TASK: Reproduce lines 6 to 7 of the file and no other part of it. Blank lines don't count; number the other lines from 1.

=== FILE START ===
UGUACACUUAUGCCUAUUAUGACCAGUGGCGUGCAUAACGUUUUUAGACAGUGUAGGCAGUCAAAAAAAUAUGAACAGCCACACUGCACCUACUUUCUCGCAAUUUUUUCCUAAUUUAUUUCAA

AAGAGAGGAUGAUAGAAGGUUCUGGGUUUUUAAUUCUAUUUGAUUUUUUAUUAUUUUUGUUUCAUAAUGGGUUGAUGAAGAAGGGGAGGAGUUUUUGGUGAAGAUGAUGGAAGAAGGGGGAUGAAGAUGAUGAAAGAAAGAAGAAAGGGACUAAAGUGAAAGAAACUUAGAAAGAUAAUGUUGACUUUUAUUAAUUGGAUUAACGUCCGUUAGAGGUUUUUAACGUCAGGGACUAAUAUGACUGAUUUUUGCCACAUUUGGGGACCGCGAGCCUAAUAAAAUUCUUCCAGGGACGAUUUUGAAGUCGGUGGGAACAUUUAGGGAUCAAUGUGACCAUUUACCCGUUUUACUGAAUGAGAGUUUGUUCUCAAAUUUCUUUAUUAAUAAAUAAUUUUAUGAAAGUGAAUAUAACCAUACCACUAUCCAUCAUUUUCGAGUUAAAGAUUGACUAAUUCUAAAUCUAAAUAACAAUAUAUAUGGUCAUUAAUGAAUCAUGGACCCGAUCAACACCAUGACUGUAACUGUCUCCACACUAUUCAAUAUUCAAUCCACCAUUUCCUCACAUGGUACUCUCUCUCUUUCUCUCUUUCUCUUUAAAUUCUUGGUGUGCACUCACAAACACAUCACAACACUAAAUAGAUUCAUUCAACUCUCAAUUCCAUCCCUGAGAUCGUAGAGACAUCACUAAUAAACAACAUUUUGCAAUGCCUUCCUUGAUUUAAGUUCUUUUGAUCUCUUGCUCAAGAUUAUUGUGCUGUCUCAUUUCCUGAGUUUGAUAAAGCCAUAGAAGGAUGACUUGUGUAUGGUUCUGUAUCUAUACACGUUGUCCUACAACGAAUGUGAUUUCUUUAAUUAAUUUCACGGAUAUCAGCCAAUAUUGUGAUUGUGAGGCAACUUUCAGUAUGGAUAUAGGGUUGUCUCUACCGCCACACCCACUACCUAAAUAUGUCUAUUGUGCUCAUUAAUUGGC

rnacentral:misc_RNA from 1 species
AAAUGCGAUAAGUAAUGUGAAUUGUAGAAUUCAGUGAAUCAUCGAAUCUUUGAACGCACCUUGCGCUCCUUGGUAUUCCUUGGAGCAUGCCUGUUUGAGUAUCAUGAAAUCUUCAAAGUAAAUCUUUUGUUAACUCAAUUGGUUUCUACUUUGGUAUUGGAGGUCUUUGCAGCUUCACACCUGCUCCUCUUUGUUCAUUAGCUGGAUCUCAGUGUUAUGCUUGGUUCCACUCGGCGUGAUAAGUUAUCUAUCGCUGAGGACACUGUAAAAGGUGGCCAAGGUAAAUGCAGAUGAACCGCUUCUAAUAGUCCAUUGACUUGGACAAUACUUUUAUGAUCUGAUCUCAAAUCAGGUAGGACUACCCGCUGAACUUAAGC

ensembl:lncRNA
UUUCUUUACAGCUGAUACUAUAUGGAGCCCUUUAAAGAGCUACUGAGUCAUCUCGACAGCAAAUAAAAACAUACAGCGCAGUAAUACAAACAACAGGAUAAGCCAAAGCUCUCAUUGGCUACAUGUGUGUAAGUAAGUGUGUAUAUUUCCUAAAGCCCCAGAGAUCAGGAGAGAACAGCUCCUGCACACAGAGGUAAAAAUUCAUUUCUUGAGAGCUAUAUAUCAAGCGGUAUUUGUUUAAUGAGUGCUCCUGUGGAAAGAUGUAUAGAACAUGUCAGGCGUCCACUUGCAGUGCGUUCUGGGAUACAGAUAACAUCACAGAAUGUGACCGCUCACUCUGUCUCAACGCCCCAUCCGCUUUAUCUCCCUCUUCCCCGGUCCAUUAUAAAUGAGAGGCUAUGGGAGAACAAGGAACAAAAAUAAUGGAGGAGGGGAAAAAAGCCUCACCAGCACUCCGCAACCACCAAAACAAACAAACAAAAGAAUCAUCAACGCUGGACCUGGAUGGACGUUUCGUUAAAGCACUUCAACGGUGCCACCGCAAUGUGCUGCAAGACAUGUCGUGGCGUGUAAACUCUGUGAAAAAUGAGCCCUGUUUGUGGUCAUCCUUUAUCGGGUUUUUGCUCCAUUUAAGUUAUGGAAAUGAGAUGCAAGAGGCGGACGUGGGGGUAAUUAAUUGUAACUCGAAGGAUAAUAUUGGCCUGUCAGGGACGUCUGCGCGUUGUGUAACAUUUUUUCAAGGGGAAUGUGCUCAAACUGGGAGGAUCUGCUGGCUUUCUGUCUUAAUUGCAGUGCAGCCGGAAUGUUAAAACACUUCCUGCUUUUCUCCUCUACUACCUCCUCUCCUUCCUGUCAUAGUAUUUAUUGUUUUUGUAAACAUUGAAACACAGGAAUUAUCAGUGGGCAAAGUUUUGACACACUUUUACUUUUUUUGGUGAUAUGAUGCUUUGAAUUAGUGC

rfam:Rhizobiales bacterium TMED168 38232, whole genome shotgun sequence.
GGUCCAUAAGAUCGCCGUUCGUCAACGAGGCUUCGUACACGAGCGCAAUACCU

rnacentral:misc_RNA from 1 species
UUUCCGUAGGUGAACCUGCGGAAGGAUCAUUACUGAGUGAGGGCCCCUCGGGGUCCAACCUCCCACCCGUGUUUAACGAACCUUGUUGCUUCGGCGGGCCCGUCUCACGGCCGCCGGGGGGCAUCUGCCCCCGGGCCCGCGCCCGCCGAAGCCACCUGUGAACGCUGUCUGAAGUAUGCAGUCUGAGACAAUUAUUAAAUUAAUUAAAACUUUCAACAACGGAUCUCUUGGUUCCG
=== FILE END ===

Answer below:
UUUCUUUACAGCUGAUACUAUAUGGAGCCCUUUAAAGAGCUACUGAGUCAUCUCGACAGCAAAUAAAAACAUACAGCGCAGUAAUACAAACAACAGGAUAAGCCAAAGCUCUCAUUGGCUACAUGUGUGUAAGUAAGUGUGUAUAUUUCCUAAAGCCCCAGAGAUCAGGAGAGAACAGCUCCUGCACACAGAGGUAAAAAUUCAUUUCUUGAGAGCUAUAUAUCAAGCGGUAUUUGUUUAAUGAGUGCUCCUGUGGAAAGAUGUAUAGAACAUGUCAGGCGUCCACUUGCAGUGCGUUCUGGGAUACAGAUAACAUCACAGAAUGUGACCGCUCACUCUGUCUCAACGCCCCAUCCGCUUUAUCUCCCUCUUCCCCGGUCCAUUAUAAAUGAGAGGCUAUGGGAGAACAAGGAACAAAAAUAAUGGAGGAGGGGAAAAAAGCCUCACCAGCACUCCGCAACCACCAAAACAAACAAACAAAAGAAUCAUCAACGCUGGACCUGGAUGGACGUUUCGUUAAAGCACUUCAACGGUGCCACCGCAAUGUGCUGCAAGACAUGUCGUGGCGUGUAAACUCUGUGAAAAAUGAGCCCUGUUUGUGGUCAUCCUUUAUCGGGUUUUUGCUCCAUUUAAGUUAUGGAAAUGAGAUGCAAGAGGCGGACGUGGGGGUAAUUAAUUGUAACUCGAAGGAUAAUAUUGGCCUGUCAGGGACGUCUGCGCGUUGUGUAACAUUUUUUCAAGGGGAAUGUGCUCAAACUGGGAGGAUCUGCUGGCUUUCUGUCUUAAUUGCAGUGCAGCCGGAAUGUUAAAACACUUCCUGCUUUUCUCCUCUACUACCUCCUCUCCUUCCUGUCAUAGUAUUUAUUGUUUUUGUAAACAUUGAAACACAGGAAUUAUCAGUGGGCAAAGUUUUGACACACUUUUACUUUUUUUGGUGAUAUGAUGCUUUGAAUUAGUGC

rfam:Rhizobiales bacterium TMED168 38232, whole genome shotgun sequence.